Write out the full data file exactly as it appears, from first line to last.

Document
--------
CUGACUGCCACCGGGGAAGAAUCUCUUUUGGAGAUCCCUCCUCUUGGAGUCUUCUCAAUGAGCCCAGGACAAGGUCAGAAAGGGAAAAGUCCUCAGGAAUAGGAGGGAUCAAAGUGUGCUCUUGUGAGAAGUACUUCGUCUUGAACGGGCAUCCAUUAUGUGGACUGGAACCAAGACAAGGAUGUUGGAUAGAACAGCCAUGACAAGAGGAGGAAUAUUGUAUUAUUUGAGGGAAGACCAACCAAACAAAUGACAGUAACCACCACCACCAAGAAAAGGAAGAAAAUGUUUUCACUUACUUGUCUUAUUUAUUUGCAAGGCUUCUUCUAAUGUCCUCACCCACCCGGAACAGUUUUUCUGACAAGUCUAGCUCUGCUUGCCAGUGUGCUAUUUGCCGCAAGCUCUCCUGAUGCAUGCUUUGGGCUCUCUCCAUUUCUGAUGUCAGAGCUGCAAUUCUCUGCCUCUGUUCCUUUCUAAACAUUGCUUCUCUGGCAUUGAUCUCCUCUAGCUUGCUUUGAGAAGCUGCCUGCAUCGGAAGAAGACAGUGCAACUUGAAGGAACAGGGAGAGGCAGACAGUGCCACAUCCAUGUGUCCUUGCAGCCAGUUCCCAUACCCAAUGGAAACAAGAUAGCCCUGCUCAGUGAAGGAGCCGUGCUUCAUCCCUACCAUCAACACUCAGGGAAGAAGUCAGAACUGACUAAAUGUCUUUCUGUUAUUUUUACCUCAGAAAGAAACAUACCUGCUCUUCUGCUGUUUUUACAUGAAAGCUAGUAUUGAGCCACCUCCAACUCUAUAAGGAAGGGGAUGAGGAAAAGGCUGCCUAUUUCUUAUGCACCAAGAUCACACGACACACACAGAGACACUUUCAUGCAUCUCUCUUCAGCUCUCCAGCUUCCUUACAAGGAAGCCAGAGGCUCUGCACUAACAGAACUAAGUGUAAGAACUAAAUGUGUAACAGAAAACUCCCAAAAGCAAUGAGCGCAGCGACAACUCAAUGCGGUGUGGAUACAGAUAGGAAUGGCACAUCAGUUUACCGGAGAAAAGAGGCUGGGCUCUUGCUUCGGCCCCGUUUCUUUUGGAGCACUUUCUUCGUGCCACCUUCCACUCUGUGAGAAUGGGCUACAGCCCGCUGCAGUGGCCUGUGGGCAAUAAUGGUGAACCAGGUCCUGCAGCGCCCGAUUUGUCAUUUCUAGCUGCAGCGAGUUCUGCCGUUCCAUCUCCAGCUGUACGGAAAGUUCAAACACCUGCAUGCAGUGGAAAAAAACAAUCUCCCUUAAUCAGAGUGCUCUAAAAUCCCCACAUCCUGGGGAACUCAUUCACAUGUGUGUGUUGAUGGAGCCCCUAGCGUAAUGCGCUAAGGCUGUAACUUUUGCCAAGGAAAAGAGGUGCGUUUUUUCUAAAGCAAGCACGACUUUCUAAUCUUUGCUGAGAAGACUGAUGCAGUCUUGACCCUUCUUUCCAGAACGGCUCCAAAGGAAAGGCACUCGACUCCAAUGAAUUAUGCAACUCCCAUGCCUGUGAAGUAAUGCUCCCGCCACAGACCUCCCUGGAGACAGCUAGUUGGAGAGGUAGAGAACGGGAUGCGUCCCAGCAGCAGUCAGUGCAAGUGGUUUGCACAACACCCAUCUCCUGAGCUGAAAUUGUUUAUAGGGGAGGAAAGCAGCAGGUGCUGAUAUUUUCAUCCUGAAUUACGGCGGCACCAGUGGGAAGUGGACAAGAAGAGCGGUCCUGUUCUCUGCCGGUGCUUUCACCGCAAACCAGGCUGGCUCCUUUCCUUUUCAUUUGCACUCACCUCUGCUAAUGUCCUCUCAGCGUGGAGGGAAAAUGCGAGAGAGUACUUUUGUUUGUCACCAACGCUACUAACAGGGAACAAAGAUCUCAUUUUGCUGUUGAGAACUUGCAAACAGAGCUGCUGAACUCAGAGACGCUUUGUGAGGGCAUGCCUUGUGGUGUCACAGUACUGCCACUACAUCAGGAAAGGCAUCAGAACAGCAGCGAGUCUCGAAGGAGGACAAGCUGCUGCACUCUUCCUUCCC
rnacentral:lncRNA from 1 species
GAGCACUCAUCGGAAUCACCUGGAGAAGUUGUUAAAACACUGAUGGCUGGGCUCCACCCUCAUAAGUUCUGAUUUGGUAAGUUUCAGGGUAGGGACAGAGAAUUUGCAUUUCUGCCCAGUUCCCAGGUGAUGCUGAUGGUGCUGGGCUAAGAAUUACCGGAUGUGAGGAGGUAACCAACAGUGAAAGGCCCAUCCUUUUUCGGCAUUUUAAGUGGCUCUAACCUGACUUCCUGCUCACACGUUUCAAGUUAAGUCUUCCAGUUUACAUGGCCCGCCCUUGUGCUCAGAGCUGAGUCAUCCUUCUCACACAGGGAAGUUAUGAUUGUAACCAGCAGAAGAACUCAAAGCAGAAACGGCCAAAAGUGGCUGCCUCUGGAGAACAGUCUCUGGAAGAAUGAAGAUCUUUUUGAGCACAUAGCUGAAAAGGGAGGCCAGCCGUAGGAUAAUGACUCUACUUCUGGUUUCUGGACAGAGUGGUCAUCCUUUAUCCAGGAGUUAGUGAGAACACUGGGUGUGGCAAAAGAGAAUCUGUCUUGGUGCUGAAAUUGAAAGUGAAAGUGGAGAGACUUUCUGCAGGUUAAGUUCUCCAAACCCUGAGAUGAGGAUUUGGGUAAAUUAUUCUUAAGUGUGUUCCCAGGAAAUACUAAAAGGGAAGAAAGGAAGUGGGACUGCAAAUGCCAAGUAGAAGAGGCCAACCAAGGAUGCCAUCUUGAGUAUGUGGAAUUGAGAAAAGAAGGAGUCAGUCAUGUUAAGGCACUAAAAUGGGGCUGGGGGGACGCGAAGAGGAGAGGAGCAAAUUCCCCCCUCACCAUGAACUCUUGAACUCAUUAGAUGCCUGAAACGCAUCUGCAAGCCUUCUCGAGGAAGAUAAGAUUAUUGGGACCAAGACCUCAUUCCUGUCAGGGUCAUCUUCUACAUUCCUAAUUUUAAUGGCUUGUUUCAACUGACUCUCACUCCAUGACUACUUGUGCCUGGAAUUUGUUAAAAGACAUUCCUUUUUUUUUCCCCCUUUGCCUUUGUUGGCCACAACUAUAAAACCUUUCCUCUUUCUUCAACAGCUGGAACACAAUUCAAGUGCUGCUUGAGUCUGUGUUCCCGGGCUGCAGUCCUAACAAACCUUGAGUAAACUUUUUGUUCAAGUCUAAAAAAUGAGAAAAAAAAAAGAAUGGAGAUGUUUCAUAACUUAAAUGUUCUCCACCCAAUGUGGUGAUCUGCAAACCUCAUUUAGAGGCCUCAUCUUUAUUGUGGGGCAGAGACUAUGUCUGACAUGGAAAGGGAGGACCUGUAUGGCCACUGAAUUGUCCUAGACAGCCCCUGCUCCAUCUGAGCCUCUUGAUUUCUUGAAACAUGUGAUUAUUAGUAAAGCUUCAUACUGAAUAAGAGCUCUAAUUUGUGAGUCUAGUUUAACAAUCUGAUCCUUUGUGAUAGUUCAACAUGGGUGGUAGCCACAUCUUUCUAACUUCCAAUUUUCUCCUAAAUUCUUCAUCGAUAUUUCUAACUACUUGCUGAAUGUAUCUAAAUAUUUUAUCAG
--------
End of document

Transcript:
CUGACUGCCACCGGGGAAGAAUCUCUUUUGGAGAUCCCUCCUCUUGGAGUCUUCUCAAUGAGCCCAGGACAAGGUCAGAAAGGGAAAAGUCCUCAGGAAUAGGAGGGAUCAAAGUGUGCUCUUGUGAGAAGUACUUCGUCUUGAACGGGCAUCCAUUAUGUGGACUGGAACCAAGACAAGGAUGUUGGAUAGAACAGCCAUGACAAGAGGAGGAAUAUUGUAUUAUUUGAGGGAAGACCAACCAAACAAAUGACAGUAACCACCACCACCAAGAAAAGGAAGAAAAUGUUUUCACUUACUUGUCUUAUUUAUUUGCAAGGCUUCUUCUAAUGUCCUCACCCACCCGGAACAGUUUUUCUGACAAGUCUAGCUCUGCUUGCCAGUGUGCUAUUUGCCGCAAGCUCUCCUGAUGCAUGCUUUGGGCUCUCUCCAUUUCUGAUGUCAGAGCUGCAAUUCUCUGCCUCUGUUCCUUUCUAAACAUUGCUUCUCUGGCAUUGAUCUCCUCUAGCUUGCUUUGAGAAGCUGCCUGCAUCGGAAGAAGACAGUGCAACUUGAAGGAACAGGGAGAGGCAGACAGUGCCACAUCCAUGUGUCCUUGCAGCCAGUUCCCAUACCCAAUGGAAACAAGAUAGCCCUGCUCAGUGAAGGAGCCGUGCUUCAUCCCUACCAUCAACACUCAGGGAAGAAGUCAGAACUGACUAAAUGUCUUUCUGUUAUUUUUACCUCAGAAAGAAACAUACCUGCUCUUCUGCUGUUUUUACAUGAAAGCUAGUAUUGAGCCACCUCCAACUCUAUAAGGAAGGGGAUGAGGAAAAGGCUGCCUAUUUCUUAUGCACCAAGAUCACACGACACACACAGAGACACUUUCAUGCAUCUCUCUUCAGCUCUCCAGCUUCCUUACAAGGAAGCCAGAGGCUCUGCACUAACAGAACUAAGUGUAAGAACUAAAUGUGUAACAGAAAACUCCCAAAAGCAAUGAGCGCAGCGACAACUCAAUGCGGUGUGGAUACAGAUAGGAAUGGCACAUCAGUUUACCGGAGAAAAGAGGCUGGGCUCUUGCUUCGGCCCCGUUUCUUUUGGAGCACUUUCUUCGUGCCACCUUCCACUCUGUGAGAAUGGGCUACAGCCCGCUGCAGUGGCCUGUGGGCAAUAAUGGUGAACCAGGUCCUGCAGCGCCCGAUUUGUCAUUUCUAGCUGCAGCGAGUUCUGCCGUUCCAUCUCCAGCUGUACGGAAAGUUCAAACACCUGCAUGCAGUGGAAAAAAACAAUCUCCCUUAAUCAGAGUGCUCUAAAAUCCCCACAUCCUGGGGAACUCAUUCACAUGUGUGUGUUGAUGGAGCCCCUAGCGUAAUGCGCUAAGGCUGUAACUUUUGCCAAGGAAAAGAGGUGCGUUUUUUCUAAAGCAAGCACGACUUUCUAAUCUUUGCUGAGAAGACUGAUGCAGUCUUGACCCUUCUUUCCAGAACGGCUCCAAAGGAAAGGCACUCGACUCCAAUGAAUUAUGCAACUCCCAUGCCUGUGAAGUAAUGCUCCCGCCACAGACCUCCCUGGAGACAGCUAGUUGGAGAGGUAGAGAACGGGAUGCGUCCCAGCAGCAGUCAGUGCAAGUGGUUUGCACAACACCCAUCUCCUGAGCUGAAAUUGUUUAUAGGGGAGGAAAGCAGCAGGUGCUGAUAUUUUCAUCCUGAAUUACGGCGGCACCAGUGGGAAGUGGACAAGAAGAGCGGUCCUGUUCUCUGCCGGUGCUUUCACCGCAAACCAGGCUGGCUCCUUUCCUUUUCAUUUGCACUCACCUCUGCUAAUGUCCUCUCAGCGUGGAGGGAAAAUGCGAGAGAGUACUUUUGUUUGUCACCAACGCUACUAACAGGGAACAAAGAUCUCAUUUUGCUGUUGAGAACUUGCAAACAGAGCUGCUGAACUCAGAGACGCUUUGUGAGGGCAUGCCUUGUGGUGUCACAGUACUGCCACUACAUCAGGAAAGGCAUCAGAACAGCAGCGAGUCUCGAAGGAGGACAAGCUGCUGCACUCUUCCUUCCC
rnacentral:lncRNA from 1 species
GAGCACUCAUCGGAAUCACCUGGAGAAGUUGUUAAAACACUGAUGGCUGGGCUCCACCCUCAUAAGUUCUGAUUUGGUAAGUUUCAGGGUAGGGACAGAGAAUUUGCAUUUCUGCCCAGUUCCCAGGUGAUGCUGAUGGUGCUGGGCUAAGAAUUACCGGAUGUGAGGAGGUAACCAACAGUGAAAGGCCCAUCCUUUUUCGGCAUUUUAAGUGGCUCUAACCUGACUUCCUGCUCACACGUUUCAAGUUAAGUCUUCCAGUUUACAUGGCCCGCCCUUGUGCUCAGAGCUGAGUCAUCCUUCUCACACAGGGAAGUUAUGAUUGUAACCAGCAGAAGAACUCAAAGCAGAAACGGCCAAAAGUGGCUGCCUCUGGAGAACAGUCUCUGGAAGAAUGAAGAUCUUUUUGAGCACAUAGCUGAAAAGGGAGGCCAGCCGUAGGAUAAUGACUCUACUUCUGGUUUCUGGACAGAGUGGUCAUCCUUUAUCCAGGAGUUAGUGAGAACACUGGGUGUGGCAAAAGAGAAUCUGUCUUGGUGCUGAAAUUGAAAGUGAAAGUGGAGAGACUUUCUGCAGGUUAAGUUCUCCAAACCCUGAGAUGAGGAUUUGGGUAAAUUAUUCUUAAGUGUGUUCCCAGGAAAUACUAAAAGGGAAGAAAGGAAGUGGGACUGCAAAUGCCAAGUAGAAGAGGCCAACCAAGGAUGCCAUCUUGAGUAUGUGGAAUUGAGAAAAGAAGGAGUCAGUCAUGUUAAGGCACUAAAAUGGGGCUGGGGGGACGCGAAGAGGAGAGGAGCAAAUUCCCCCCUCACCAUGAACUCUUGAACUCAUUAGAUGCCUGAAACGCAUCUGCAAGCCUUCUCGAGGAAGAUAAGAUUAUUGGGACCAAGACCUCAUUCCUGUCAGGGUCAUCUUCUACAUUCCUAAUUUUAAUGGCUUGUUUCAACUGACUCUCACUCCAUGACUACUUGUGCCUGGAAUUUGUUAAAAGACAUUCCUUUUUUUUUCCCCCUUUGCCUUUGUUGGCCACAACUAUAAAACCUUUCCUCUUUCUUCAACAGCUGGAACACAAUUCAAGUGCUGCUUGAGUCUGUGUUCCCGGGCUGCAGUCCUAACAAACCUUGAGUAAACUUUUUGUUCAAGUCUAAAAAAUGAGAAAAAAAAAAGAAUGGAGAUGUUUCAUAACUUAAAUGUUCUCCACCCAAUGUGGUGAUCUGCAAACCUCAUUUAGAGGCCUCAUCUUUAUUGUGGGGCAGAGACUAUGUCUGACAUGGAAAGGGAGGACCUGUAUGGCCACUGAAUUGUCCUAGACAGCCCCUGCUCCAUCUGAGCCUCUUGAUUUCUUGAAACAUGUGAUUAUUAGUAAAGCUUCAUACUGAAUAAGAGCUCUAAUUUGUGAGUCUAGUUUAACAAUCUGAUCCUUUGUGAUAGUUCAACAUGGGUGGUAGCCACAUCUUUCUAACUUCCAAUUUUCUCCUAAAUUCUUCAUCGAUAUUUCUAACUACUUGCUGAAUGUAUCUAAAUAUUUUAUCAG